The image was copied from the page “approaches to learning”. You can find other assigments and materials in the web pages, they are open learning objects. This is the way I am used to think: every theory gives something to teaching practice. I cannot say that behaviouristic theories are old because they seem to work very well. Feedback and reinforcement are essential factors in everyday life, even in internet. Perhaps serendipity is an example of random reinforcement: you try again if you succeed only sometimes. I read tweets which I follow and hope some day to get insights 🙂

Piaget was a remarkable researcher many decades. His research is older than constructivism, I think, so Piaget is called a cognitivist. Engeström belonged to this line at the beginning, he wrote a book in Finnish Perustietoa opetuksesta which had large influences in practice. It was a scientific book that could be read and was interesting. Piaget was very conscious about the near mutual dependence between emotion and cognition, he was a real scientist.

Constructivism and experiental paradigms were the most important in teacher education. Kolb tried to gather all about learning and I loved his book Experiental Learning but it was only in English and not easy to read. Experience as the source of all learning  and the orientations: reflection, conceptualization, experimentation as a spiral. It was something, it helped to understand and interpret learning happenings.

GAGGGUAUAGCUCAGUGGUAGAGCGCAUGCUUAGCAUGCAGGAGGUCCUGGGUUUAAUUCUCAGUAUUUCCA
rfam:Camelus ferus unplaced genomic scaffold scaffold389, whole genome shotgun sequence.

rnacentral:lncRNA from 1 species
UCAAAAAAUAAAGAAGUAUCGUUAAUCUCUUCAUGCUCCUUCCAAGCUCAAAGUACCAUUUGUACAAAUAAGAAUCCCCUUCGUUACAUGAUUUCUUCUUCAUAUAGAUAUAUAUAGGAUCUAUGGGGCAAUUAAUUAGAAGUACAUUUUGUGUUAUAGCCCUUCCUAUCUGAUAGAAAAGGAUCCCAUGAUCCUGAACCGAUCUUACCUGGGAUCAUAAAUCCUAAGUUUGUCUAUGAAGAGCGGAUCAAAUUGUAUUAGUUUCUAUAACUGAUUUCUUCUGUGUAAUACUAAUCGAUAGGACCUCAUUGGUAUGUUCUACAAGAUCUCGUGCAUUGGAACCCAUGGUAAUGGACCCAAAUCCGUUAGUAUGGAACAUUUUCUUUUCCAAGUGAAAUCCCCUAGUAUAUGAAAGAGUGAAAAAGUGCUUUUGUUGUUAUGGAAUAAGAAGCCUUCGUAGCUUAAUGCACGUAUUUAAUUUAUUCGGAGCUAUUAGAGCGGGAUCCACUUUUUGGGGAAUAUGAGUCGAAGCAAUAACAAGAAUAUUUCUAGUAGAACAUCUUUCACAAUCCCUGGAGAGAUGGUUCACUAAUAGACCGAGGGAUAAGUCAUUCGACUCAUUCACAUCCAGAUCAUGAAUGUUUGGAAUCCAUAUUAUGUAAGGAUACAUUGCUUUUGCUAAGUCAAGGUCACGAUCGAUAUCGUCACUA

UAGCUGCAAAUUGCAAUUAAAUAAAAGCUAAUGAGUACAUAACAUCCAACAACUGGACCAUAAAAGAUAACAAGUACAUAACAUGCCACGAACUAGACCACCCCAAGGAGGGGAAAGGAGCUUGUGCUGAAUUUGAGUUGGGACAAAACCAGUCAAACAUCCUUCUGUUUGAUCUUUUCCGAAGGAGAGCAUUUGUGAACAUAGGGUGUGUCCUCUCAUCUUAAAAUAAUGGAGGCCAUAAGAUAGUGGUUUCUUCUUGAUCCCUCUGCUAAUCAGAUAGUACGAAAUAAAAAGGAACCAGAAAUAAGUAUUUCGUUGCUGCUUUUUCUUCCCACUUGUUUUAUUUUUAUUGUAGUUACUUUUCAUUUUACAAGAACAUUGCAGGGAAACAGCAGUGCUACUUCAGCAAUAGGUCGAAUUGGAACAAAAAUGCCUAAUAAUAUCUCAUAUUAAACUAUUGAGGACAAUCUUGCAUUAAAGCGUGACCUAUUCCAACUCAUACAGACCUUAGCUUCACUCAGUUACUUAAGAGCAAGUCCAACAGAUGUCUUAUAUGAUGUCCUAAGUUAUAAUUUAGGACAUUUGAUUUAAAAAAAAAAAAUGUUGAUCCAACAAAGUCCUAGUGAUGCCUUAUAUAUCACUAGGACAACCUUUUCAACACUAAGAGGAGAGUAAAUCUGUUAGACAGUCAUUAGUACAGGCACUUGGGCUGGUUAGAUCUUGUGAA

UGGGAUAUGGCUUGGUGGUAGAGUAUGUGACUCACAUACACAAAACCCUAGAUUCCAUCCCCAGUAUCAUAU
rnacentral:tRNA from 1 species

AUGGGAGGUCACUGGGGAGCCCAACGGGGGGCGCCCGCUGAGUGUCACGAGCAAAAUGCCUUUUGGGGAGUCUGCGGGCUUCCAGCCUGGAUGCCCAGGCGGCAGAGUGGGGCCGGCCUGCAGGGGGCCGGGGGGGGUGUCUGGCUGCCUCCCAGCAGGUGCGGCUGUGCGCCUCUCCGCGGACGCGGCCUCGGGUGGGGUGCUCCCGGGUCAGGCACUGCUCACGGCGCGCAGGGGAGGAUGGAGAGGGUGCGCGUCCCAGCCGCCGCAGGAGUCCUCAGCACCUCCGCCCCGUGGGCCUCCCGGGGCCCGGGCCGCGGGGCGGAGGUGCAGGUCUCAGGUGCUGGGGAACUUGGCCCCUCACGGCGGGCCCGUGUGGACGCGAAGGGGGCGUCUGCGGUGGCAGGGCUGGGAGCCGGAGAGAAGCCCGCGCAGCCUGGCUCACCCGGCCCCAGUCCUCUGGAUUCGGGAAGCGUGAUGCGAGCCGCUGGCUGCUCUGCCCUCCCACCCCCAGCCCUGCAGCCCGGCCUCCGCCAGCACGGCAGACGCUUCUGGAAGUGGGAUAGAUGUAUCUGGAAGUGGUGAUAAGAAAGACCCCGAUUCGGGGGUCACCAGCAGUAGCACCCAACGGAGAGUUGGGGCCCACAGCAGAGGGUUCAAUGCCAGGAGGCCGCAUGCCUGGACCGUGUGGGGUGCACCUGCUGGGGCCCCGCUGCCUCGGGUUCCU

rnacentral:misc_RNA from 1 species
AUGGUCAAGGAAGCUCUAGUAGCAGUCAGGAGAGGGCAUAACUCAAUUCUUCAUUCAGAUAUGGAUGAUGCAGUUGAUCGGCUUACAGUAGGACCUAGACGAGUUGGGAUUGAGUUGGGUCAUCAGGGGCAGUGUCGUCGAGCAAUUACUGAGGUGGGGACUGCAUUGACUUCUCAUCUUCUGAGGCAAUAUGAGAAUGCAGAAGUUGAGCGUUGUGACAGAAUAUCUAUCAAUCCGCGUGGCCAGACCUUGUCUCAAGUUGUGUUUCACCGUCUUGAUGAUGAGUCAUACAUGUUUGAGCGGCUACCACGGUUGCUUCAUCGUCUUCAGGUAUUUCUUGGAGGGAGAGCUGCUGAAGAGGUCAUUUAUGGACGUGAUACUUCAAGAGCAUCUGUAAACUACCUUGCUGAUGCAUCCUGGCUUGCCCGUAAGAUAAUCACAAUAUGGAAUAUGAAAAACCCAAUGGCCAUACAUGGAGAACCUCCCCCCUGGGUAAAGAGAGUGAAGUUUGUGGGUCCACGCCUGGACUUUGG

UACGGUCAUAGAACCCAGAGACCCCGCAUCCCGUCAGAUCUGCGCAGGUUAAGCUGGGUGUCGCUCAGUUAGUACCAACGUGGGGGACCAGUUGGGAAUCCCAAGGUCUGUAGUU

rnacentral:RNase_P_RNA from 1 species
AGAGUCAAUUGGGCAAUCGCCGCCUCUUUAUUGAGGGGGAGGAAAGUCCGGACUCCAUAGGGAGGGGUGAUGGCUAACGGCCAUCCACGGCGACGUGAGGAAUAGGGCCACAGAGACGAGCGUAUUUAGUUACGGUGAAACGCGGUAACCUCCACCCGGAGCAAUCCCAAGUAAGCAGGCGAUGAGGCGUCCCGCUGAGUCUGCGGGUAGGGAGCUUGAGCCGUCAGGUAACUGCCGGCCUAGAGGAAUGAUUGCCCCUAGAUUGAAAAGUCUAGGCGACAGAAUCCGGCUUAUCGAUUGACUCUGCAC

You can find same theories in this link given for week 4: learning theories and models in web.

Reflective practice was one of our main concepts, Schön and Argyris helped to explore it. Practice was the criteria for theory, theory-in-use must become recognized. Teach as you preach. Then became research about expertise in 1990’ies we had good connections with researchers. Oh, those were the days.. I cannot tell everything shortly.

I am not sure if this belong to PLENK2010 but I give that tag anyway. Next I will write my own history since studying psychology and working in the department of psychology. One post I have to gather the newest discussions about learning. And what else?

Yrjö Engeström meets Etienne Wenger

Networked Learning Conference 2010 published a video about the keyspeakers opening session. It was gorgious to listen at home and reflect through earlier experiences. I didn’t know that Yrjö and Etienne have met in San Diego in 1987-88 – they have a long history of disagreements but they appreciate each other. Yrjö was a marxist then (and still is, he said) and Etienne is an anthropologist. They give a short lecture about their basic concepts and a fishbowl discussion follows. I recommend listening to those videos.

Another enthusiastic event was to join a new ning community, ELESIG for elearning researchers. Thanks to Jenny Mackness for telling about that. I was very disappointed because Elluminate gave me no audio today when there was a meeting. The recording was available very soon and now, after listening to it, I’m happy and wise 🙂 .

And I have many articles to read from the NLC2010 conference and Elesig members. It’s nice to live and learn..